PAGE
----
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The Nature of Money

Islamic Banking and Conscious Capitalism

An Afghan money changer holds a bundle of Afghani money at an open market in Kabul February 16, 2009. Ahmad Masood / Reuters

At the January 2010 World Economic Forum Annual Meeting in Davos, the erudite and prolific Sharia scholar, Muhammad Taqi Usmani, was invited to present a paper with a somewhat radical theme: reforming the world’s post-crisis financial landscape through the lens of religion. The paper generated little interest from the world’s media, which preferred instead to focus on the forum’s lack of reform plans and the predictably defensive stance taken by bankers. Had they read the 37-page document, though, they might have concluded that “caring capitalism” had the potential to be more than a mere romantic notion.

Usmani’s paper proved inspirational for introspective Islamic bankers searching for direction. It questioned the very nature of money, inviting a radical philosophical shake-up of their ordered universe. Perhaps few in the audience (if any) were moved that day to tweak their banking practices, but they nonetheless came away with the counsel that social awareness ought to be the underpinning of finance.

When newspapers announce the launch of new Sharia-compliant financial products or institutions, it is often assumed that they are only referring to products that conform with Islam’s ban on interest, as if that were the only relevant criterion and a bank’s only job to make loans. Perhaps as a direct consequence, there are even Muslims who find the modern practice of Islamic banks abhorrent and little different to the practice of conventional banks. Their reasoning is that if Islam prohibits the receipt or payment of interest, then the only business that Islamic banks should be engaging in is interest-free lending, conveniently ignoring the fact that an interest-free loan is construed as an act of charity in Islamic law, and no enterprise driven by the profit motive can be predicated on charity.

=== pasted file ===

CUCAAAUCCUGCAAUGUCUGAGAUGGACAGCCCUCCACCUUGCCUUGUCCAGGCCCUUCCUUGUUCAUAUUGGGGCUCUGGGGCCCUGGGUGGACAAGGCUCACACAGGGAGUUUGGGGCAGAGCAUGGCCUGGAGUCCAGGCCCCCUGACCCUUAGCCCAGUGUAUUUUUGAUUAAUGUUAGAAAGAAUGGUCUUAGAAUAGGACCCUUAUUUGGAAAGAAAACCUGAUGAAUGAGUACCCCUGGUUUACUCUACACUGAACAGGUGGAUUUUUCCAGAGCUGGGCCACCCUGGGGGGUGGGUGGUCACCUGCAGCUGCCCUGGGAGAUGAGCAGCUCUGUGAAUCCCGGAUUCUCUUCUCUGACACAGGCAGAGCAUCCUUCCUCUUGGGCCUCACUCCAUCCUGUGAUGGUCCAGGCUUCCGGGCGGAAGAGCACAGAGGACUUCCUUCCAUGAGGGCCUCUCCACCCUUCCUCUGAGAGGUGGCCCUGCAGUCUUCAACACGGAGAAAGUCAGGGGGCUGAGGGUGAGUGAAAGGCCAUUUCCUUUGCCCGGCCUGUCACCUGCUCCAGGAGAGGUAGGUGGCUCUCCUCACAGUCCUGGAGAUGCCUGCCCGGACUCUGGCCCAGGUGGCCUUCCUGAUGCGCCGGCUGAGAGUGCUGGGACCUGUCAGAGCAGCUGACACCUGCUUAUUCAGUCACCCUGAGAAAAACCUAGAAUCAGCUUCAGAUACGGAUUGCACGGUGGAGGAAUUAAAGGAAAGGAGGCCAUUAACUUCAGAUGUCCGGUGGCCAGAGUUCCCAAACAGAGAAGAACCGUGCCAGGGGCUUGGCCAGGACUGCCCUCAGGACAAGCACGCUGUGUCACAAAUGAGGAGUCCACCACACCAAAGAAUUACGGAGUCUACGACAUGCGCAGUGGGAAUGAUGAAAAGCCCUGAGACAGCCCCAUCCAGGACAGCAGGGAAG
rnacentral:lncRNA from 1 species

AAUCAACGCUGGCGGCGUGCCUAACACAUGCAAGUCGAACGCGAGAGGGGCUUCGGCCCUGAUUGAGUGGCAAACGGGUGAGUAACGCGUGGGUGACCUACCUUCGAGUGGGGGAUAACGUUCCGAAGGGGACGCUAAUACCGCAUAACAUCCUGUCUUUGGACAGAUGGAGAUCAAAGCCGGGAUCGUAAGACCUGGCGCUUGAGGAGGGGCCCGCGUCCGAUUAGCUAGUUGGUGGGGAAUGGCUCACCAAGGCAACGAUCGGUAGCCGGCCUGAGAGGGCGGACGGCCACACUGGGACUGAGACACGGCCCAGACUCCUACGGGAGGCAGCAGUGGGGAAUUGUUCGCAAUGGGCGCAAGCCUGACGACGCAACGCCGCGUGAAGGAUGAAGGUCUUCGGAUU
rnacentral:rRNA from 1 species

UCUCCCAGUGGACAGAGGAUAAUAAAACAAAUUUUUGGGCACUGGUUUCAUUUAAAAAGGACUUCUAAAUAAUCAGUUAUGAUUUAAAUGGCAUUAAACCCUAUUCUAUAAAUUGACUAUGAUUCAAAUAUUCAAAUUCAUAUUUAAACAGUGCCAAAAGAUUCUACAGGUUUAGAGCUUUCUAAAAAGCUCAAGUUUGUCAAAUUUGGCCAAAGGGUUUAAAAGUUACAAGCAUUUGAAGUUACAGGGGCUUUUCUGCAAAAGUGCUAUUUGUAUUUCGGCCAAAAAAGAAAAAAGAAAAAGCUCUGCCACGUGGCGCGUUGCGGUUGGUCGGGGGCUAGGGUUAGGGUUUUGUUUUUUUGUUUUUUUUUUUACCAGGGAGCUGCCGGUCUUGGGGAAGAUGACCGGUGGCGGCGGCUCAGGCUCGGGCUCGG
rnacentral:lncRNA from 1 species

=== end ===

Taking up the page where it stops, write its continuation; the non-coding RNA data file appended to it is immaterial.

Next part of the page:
Indeed, bank profit is emotive subject for Muslims, particularly when set in the context of a world economy creaking ominously under the weight of capitalism. To what extent is the pursuit of profit acceptable in Islam, if at

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